• Then they managed to do it again, this time with the whole album of "The Great Southern Trendkill".
  • Day In The Life: The Pantera home videos are a compilation of footage (mostly taken by Dimebag and his assistant Bobby with a handheld camcorder) of Pantera while they're out on tour and performing other official functions. It provides a candid behind-the-scenes view of what the Cowboys from Hell are like when they're not onstage. Pretty much everyone who has watched the videos agrees on this: those guys would have been fun to party with.
  • Dead Artists Are Better: Though he was extremely well-respected in the metal community, nobody in the general media acknowledged Dimebag as an awesome guitarist until his death.
  • Deadpan Snarker: Phil can be this at times. Check out his "tour" of his tent in Russia from the Vulgar Video DVD.
  • Early-Installment Weirdness: Their glam metal albums from The Eighties are, of course, a no-brainer. But 1990's "Cowboys From Hell" also has some of this. The songs are a bit more restrained and "playful" than on later albums, and it's the only one of their canonical albums to use standard tuning (the remaining four would be tuned a quarter step down).
  • The End of the World as We Know It: "Floods" from The Great Southern Trendkill is about a great flood that destroys mankind.
  • Epic Rocking: "Cemetery Gates," "This Love," "Hard Lines, Sunken Cheeks," "Suicide Note," "Living Through Me (Hell's Wrath)," "Floods," "It Makes Them Disappear."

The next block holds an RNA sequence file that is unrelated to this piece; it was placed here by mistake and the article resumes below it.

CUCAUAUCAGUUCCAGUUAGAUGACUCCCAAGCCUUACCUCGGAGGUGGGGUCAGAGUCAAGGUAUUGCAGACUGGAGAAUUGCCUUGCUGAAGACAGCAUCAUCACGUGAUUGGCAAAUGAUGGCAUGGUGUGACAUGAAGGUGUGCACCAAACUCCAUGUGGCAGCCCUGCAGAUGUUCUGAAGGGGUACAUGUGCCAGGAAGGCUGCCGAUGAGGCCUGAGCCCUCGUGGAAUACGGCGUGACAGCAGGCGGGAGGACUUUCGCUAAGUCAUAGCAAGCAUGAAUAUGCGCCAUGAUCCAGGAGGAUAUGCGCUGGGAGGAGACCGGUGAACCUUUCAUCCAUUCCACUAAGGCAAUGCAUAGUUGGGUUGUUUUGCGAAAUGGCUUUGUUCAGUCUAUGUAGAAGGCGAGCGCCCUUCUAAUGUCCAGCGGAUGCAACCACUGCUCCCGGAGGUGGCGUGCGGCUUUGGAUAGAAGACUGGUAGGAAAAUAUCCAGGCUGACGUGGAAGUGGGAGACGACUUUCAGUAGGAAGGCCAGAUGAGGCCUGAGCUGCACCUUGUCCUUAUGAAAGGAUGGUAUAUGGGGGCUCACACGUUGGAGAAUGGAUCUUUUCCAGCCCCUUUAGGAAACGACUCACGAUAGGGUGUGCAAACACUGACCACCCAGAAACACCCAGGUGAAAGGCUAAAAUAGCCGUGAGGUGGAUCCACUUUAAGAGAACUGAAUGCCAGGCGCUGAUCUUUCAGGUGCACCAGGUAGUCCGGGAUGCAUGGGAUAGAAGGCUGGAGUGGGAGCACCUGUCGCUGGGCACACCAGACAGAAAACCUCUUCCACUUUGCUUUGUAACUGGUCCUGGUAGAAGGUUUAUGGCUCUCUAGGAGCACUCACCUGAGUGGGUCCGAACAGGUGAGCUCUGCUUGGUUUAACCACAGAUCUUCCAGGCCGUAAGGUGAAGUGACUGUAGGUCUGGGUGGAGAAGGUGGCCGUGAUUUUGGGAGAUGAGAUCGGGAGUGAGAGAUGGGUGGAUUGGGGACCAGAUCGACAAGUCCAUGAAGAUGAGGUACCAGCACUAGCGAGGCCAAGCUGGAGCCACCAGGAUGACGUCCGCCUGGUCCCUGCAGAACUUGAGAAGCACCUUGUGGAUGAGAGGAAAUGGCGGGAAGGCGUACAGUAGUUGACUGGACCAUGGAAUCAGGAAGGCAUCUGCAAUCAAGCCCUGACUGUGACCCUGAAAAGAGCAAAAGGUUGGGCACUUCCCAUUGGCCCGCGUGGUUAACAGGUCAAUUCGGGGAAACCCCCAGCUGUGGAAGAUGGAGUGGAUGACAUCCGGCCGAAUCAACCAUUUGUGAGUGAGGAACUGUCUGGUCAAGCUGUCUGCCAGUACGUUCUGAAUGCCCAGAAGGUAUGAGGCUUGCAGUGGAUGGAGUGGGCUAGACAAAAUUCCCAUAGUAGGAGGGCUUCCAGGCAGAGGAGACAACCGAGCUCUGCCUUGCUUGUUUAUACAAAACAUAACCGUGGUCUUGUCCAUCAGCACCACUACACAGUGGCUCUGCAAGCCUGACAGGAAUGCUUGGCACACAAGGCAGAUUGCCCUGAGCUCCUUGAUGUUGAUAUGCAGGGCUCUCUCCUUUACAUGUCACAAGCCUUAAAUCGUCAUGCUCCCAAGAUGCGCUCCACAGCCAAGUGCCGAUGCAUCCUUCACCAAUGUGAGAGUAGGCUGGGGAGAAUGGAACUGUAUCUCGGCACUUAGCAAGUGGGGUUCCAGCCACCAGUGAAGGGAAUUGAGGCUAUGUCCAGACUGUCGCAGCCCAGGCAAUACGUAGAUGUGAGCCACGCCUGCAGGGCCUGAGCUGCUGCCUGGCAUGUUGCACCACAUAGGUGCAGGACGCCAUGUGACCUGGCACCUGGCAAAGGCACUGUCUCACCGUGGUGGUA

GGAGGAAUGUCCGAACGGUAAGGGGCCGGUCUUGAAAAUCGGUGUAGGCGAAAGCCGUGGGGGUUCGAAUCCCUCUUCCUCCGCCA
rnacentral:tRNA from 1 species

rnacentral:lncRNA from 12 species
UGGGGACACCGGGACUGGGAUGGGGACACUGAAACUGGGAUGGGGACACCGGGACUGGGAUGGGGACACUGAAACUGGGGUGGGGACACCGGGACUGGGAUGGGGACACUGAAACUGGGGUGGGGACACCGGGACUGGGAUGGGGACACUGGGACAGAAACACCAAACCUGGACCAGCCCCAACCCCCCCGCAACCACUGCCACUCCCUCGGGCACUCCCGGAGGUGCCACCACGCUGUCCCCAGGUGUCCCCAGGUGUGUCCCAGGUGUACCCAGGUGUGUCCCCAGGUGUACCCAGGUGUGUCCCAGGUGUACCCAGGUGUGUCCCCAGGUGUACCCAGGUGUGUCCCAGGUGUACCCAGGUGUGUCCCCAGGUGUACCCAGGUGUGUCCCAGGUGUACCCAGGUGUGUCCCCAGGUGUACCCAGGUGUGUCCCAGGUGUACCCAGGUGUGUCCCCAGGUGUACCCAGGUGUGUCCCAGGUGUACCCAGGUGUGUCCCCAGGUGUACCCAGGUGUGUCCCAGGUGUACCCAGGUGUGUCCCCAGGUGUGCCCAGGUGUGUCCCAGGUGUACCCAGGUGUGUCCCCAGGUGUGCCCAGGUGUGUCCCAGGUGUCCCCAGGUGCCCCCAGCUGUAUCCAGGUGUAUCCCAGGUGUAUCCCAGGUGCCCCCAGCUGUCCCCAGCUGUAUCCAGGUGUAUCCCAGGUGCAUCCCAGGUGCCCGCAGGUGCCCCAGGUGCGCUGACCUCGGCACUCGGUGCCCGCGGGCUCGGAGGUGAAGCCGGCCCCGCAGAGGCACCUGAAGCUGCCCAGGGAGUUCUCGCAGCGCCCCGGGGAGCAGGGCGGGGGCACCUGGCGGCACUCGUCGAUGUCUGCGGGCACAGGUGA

• Face-Heel Turn: Vinnie Paul's reputation has been declining among Pantera fans since Dime's death because of his absolute refusal to reconcile with Phil. Phil, meanwhile, has been working hard to atone for his past behavior and has openly expressed his desire to patch things up with Vinnie. Even Rita Haney, Dime's widow, has forgiven Phil for the way he acted prior to Dime's death.
  • Fanboy: Dimebag was such a huge KISS fan that he got a picture of Ace Frehley tattooed on his chest. When he finally got to meet his idol during a photo shoot for Guitar World magazine Dimebag asked Ace to autograph the tattoo. Immediately after the photo shoot was over, Dime went to the nearest tattoo shop and had them make the autograph permanent.
    • He was even buried in a Kiss Kasket that was donated by Gene Simmons. Not to mention Eddie Van Halen placed one of his guitars in the casket.
    • Vinny Paul loves Crown Royal whisky so much that his swimming pool is shaped like a bottle of Crown Royal.
    • The band were also huge fans of the Dallas Stars hockey team. They wrote "Puck Off," the Stars' fight song played at every home game, and performed on a float during the Stars' Stanley Cup victory parade in 1999. They also hosted a victory party for the team, resulting in an incident depicted on the YMMV page.
  • Four-Temperament Ensemble: Phil is choleric, Dimebag Darrell was sanguine, Rex is melancholic, Vinnie is phlegmatic.
  • Greatest Hits Album:
    • Reinventing Hell. (2003)
    • The Word Salad Titled Far Beyond The Great Southern Cowboys' Vulgar Hits (2003) has one new song "Immortally Insane" and one new cover "The Badge". These were not new songs; Immortally Insane was on the Heavy Metal 2000 soundtrack and The Badge was on the import of Far Beyond Driven and was also on The Crow soundtrack.
    • In 2010 the album 1990-2000: A Decade of Domination was released. This greatest hits album actually features less tracks than previous greatest hits album. The reason for this is so that the album could be sold at Wal-Mart, which refuses to sell music albums with the "Parental Advisory: Explicit Content" label, so the album omits some of Pantera's more profanity-laden songs.
  • Groove Metal
  • Heavy Meta: "Goddamn Electric."